Jon could not manage any other day but the Saturday, but as he knows the village so well by now, the fact that it was not a school day did not present a problem. Jon called for us at our hotel at 6.15am, so that we could catch the first (or at least the second) ferry...BUT... it was 'clean up your environment' day in The Gambia, which means that no transport is allowed to move between 9.00am and 1.00pm, while everyone clears the litter from around their own home and / or place of business. So, the ferry was not allowed to run either... so, we had to be aboard the one that left in time to dock at Barra before 9.00am. We were there in plenty of time - but sadly, it appeared that the whole of Banjul also wished to cross before 9.00am and the queue was ENORMOUS. Eventually we managed to get the Naval Dockyard (adjacent to the ferry docking station) to allow us to park Jon's car in their vehicle park, we were rushed out of the back of the yard, over the sea-wall, across the sand, jumped onto the last pre-9.00am ferry - and it cast off! All this while carrying the large amount of packages we had decided we could take to Jurunku as we had our 'own' transport!!
So, when we arrived in Barra (just before 9.00am) we had to find a taxi that could take us (4), our mountain of packages AND could leave Barra before the 9.00am curfew. We JUST squeaked out of the town and through the police checkpoint in time... all went well until about 100 yards before the turn-off to Jurunku, where we found a sneakily installed temporary police checkpoint, just there for the morning - and they, of course stopped us!! Not only us, but several buses, farm vehicles (interestingly, the ox-pulled carts were allowed to proceed - perhaps it was their very long and sharp horns!) and a couple of other taxis. After about an hour's animated discussion we and all the other vehicles were allowed to leave, but only after the drivers had given their precious driving licences and other documents to the police, to be collected at a particular police-station later in the day.
We arrived at Jurunku somewhat later than planned! A large number of schoolchildren (many in school uniform, even though it was Saturday) came running to meet us and an even larger number of villagers all came up to the school and crammed into the small circular 'staff-room' that had been refurbished a year or so before. We had a tour of the school garden, which is doing really well now that the plot is walled and the water supply has been installed. The headmaster was at pains to tell us what a difference the garden had made to the school - and to the village, as the surplus vegetables could be sold at a lower-than-normal price to the local families, which meant money for the school and food for the villagers. (Loud applause from all at this juncture!) The water supply was also inspected - this meant a tour of the village, as the water supply pipeline has five taps coming from it, one at the school and four at different points in the village. This has obviously made a big difference to the village - the supply of water is not unlimited (the taps are padlocked for parts of the day so that the water level in the solar-pumped system can build up again) and, of course, they would like more taps, but the installation has been a great benefit to this small, isolated village.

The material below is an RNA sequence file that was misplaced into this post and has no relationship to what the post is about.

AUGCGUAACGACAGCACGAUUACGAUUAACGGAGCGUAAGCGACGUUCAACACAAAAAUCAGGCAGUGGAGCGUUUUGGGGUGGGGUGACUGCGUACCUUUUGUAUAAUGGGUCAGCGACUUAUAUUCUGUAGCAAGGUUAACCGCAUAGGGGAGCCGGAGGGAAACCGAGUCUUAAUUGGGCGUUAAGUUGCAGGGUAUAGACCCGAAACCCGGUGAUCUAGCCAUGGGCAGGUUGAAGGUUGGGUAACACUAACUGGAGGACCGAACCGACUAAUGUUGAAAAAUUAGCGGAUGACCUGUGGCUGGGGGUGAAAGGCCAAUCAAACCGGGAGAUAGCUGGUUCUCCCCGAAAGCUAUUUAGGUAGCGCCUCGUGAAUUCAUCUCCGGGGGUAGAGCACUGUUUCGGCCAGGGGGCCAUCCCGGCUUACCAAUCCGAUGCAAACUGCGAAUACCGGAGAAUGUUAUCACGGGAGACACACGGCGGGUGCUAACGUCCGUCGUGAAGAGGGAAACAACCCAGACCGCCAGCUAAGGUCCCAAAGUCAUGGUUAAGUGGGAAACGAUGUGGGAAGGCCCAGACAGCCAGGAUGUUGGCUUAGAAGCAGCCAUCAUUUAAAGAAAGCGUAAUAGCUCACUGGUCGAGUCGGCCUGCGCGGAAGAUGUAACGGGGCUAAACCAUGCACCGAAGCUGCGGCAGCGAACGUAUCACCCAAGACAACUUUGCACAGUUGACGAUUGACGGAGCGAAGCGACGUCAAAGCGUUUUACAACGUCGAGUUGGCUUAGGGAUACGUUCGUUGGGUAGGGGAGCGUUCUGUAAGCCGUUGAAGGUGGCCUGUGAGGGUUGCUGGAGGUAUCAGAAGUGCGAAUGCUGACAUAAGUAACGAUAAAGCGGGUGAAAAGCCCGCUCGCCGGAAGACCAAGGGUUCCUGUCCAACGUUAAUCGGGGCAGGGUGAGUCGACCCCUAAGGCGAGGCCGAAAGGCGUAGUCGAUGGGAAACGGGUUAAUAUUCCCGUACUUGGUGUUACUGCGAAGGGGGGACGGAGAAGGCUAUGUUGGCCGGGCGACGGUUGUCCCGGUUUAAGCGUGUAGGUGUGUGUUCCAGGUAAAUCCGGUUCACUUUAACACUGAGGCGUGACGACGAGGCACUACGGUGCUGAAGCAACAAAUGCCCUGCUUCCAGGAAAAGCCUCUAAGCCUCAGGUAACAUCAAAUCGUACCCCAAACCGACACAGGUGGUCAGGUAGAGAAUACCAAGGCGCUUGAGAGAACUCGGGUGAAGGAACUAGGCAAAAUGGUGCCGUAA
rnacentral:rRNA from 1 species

Our next project at Jurunku will have to be the school kitchen - it is now completely derelict, so Jon has asked for an estimate for rebuilding it.
After our tour we went to visit Lamin's compound, and distributed a large number of the gifts that had been bought with the Christmas Gift Tokens - Jurunku is one of the poorer villages that we visit, so it seemed fitting that many of the gifts should come here. We enlisted the aid of the PTA chairman and members of the village committee to make sure that the gifts went to really needy people, and we were delighted to see the smiles of thanks for the things we had taken - mosquito nets, cooking pots, exercise books and school-bags on this occasion.
We also took the beautiful quilt made by Doreen, one of our members, for the boys of the family of her sponsored child, Lang, to sleep with - she had shown it to us all at our AGM and we could now give it to the family for whom it was made. They were SO delighted with it - Lang's mum could not believe that it had been handmade specially for her family and when we left them they were all sitting with it spread across them, running their fingers over the decorated panels and pictures. Doreen says she will make one for the girls next time....
Having had some lunch at Lamin's compound - or was it breakfast? - we left for Barra, stopping off for the driver's papers en route, of course. This took some time, as the policeman who had the papers had gone to the market and had to be tracked down! We eventually caught the ferry at about 6.00pm, rescued Jon's car from the Naval yard (we gave the sailors a couple of toys as a thank-you, with which they were delighted - when we left they were pulling rank on each other to determine who finally got the goodies!) and arrived back at the hotel in our normal hot, dusty state. I often wonder what the other hotel guests think of us - they have all showered and dressed for dinner by the time we get back... A good day on the whole, considering its unpromising start - and the Banjul streets DID look a lot cleaner than when we left for Barra."